dancingbaptist: We can't completely discount intelligent design to exactly the same extent that we can't completely discount any theory whatsoever. Given that the intelligent design theory has no foundation in the scientific process and is by definition unfalsifiable, it stands side-by-side with my theory that life does not, in fact, exist at all, and my apparent perception of it is caused by alien mind control rays. Any evidence to the contrary is simply aliens monkeying with their rays.

So sure, you can keep an open mind all you want. But to believe in creationism requires that you abandon the scientific method entirely. There's little point in assuming that the universe operates according to discoverable and consistent rules except when some god figure wants to jump in and do something like create human life.

It's not so much "I'm right and you're wrong," it's more like "your theory is irrelevant from my perspective." If we're going to look at the issue scientifically, then any theory that is unfalsifiable simply does not exist. It's a dead end. That's the basic reason that creationists and evolutionists will never see any common ground.
posted by rusty at 12:52 AM on December 12, 2004


swifty: My problem with Dawkins starts from the fact that, well, no, he's not technically a scientist. Technically he's a popularizer, not a scientist, by which I mean he's not the guy out in the field doing the work. Now, I don't mind that much-- I'm not a scientist either-- but Mr. Dawkins takes the work that people do in the field and makes it say things that most scientists would never say, at least not professionally. See: his ax to grind on God. The fact that intelligent design tells us nothing doesn't disprove or prove anything; it just means a few people out there are nuts. Didn't we know that already?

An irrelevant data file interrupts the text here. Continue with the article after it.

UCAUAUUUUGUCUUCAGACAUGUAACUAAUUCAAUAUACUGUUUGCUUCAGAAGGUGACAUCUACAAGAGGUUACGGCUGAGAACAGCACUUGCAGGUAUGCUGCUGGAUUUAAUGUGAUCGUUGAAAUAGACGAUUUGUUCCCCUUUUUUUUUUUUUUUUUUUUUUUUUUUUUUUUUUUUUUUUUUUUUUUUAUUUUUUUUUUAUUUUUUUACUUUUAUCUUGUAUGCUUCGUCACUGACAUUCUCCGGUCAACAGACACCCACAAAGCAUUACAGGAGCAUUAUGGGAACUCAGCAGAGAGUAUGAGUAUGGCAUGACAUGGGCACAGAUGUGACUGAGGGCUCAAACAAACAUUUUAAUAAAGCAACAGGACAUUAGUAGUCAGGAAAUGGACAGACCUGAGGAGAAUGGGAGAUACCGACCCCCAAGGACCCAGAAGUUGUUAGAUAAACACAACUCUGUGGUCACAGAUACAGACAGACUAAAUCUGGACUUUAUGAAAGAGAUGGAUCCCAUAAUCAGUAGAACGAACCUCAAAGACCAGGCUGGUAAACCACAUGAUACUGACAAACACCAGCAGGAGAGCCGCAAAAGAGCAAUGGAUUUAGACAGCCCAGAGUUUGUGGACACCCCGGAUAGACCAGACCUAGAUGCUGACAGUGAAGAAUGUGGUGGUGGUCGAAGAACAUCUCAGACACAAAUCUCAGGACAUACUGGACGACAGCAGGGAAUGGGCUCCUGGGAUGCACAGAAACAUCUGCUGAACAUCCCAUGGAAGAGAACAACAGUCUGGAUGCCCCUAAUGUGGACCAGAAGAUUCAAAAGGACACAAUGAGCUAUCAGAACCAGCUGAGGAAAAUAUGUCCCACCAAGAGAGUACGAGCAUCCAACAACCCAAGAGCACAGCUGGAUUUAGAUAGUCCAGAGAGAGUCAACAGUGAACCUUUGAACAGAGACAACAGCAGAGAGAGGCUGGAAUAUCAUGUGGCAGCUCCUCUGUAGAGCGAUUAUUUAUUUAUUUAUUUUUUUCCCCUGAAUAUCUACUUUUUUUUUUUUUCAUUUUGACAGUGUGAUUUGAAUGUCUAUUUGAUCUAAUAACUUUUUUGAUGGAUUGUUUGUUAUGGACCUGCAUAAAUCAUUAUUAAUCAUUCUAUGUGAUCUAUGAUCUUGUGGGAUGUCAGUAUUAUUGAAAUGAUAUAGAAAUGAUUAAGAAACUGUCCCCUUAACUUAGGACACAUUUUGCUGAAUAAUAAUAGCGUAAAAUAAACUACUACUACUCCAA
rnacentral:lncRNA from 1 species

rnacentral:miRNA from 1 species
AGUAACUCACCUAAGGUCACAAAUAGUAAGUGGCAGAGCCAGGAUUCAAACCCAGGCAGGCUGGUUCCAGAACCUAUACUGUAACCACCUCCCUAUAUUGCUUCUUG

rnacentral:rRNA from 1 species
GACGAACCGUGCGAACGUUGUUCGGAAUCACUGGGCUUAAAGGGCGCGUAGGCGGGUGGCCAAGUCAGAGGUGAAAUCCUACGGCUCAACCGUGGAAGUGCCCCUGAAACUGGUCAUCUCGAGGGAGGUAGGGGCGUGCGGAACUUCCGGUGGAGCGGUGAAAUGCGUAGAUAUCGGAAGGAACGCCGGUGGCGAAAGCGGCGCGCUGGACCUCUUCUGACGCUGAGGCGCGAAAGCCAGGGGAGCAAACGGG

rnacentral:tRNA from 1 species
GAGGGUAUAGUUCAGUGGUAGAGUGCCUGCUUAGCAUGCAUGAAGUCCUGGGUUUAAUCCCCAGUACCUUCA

No one intelligent uses the "intelligent design" argument. So Dawkins plays Al Franken to the creationists' Ann Coulter; so what? That doesn't make either side "scientific."

I wouldn't even mind so much if Dawkins stuck to the creation/evolution stuff. At least he's in his element there; he seems to have at least read Darwin once, where the other side hasn't, and, well, let them fight it out. But he goes way beyond this realm in his books, challenging religion as a whole, mocking those who find certain concepts interesting or who have minds open to them. In short: good scientists know where their fields of expertise end, and where they have to cede to other experts. Dawkins does not do this.

If he kept his bile for the creationists, it all might make sense. But he's only decieving himself and his readers by tilting at the windmill of all the religious people of all time while having a severely limited grasp of what exactly they've believed.
posted by koeselitz at 4:09 PM on December 12, 2004